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Wednesday, January 19, 2022

Leading edtech companies form consortium, assure transparency

Edtech companies have been under pressure from the government with reports of them signing up children from lower-income brackets for expensive classes by tricking the parents into agreeing to expensive loan terms which would pay for these classes.

Written by Sourav Roy Barman , Aashish Aryan | New Delhi |
Updated: January 13, 2022 9:45:30 am
iamai, iamai edtech platformThe Education Ministry had earlier this month issued an elaborate advisory to parents and students dealing with edtech firms. (Representational/File)

The Internet and Mobile Association of India (IAMAI) Wednesday said leading companies operating in the education technology space have formed a consortium – India EdTech Consortium (IEC) – which would adhere to a common “code of conduct”.

Companies and start-ups such as Byju’s, Careers 360, Great Learning, Harappa, Times Edutech & Events Ltd, Scalar, Simplilearn, Toppr, Unacademy, upGrad, Vedantu and WhiteHat Jr have joined the IEC as of now.

“Aligned with the government’s recent advisory, the IEC will ensure that every learner shall have access to quality and affordable education, which not only improves their academic performance but also makes them future-ready,” the IAMAI said.

The edtech firms had also written to the Ministry of Education informing it of their move to form a consortium. In their letter to the ministry, the edtech firms said that apart from the common code of conduct, they would also establish a two-tier grievance redressal mechanism to ensure that business is conducted with transparency.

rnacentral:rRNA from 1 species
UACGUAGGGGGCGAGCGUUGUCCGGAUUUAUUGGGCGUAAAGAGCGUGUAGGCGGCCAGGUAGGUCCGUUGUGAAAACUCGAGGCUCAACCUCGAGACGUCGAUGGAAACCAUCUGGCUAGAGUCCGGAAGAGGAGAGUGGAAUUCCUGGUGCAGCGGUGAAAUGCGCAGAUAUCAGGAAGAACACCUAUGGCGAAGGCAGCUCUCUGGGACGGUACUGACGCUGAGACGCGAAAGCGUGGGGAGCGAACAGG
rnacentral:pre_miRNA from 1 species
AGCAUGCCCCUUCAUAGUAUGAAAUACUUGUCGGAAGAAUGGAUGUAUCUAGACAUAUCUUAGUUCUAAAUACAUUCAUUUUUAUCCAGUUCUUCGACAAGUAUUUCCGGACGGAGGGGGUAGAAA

Referring to the scale and size of the edtech ecosystem, the consortium said that “it is critical” that a framework be adopted that will protect the rights of learners and companies. The framework will cover areas such as ethical sales practices, marketing communication, loans and refunds, fair and transparent functioning of a robust grievance redressal mechanism and a proposed independent grievance review board, states the letter.

Edtech companies have been under pressure from the government and have faced a lot of criticism with reports of them signing up children from lower-income brackets for expensive classes by tricking the parents into agreeing to expensive loan terms which would pay for these classes.

Following these reports, Union Education Minister Dharmendra Pradhan on January 3 said that though the government respected these companies and was not against growth in their business, it could not come at the cost of exploiting students and guardians. Pradhan had then also said that his ministry was in talks with the Law as well as the IT ministries to have a common policy on these edtech firms.

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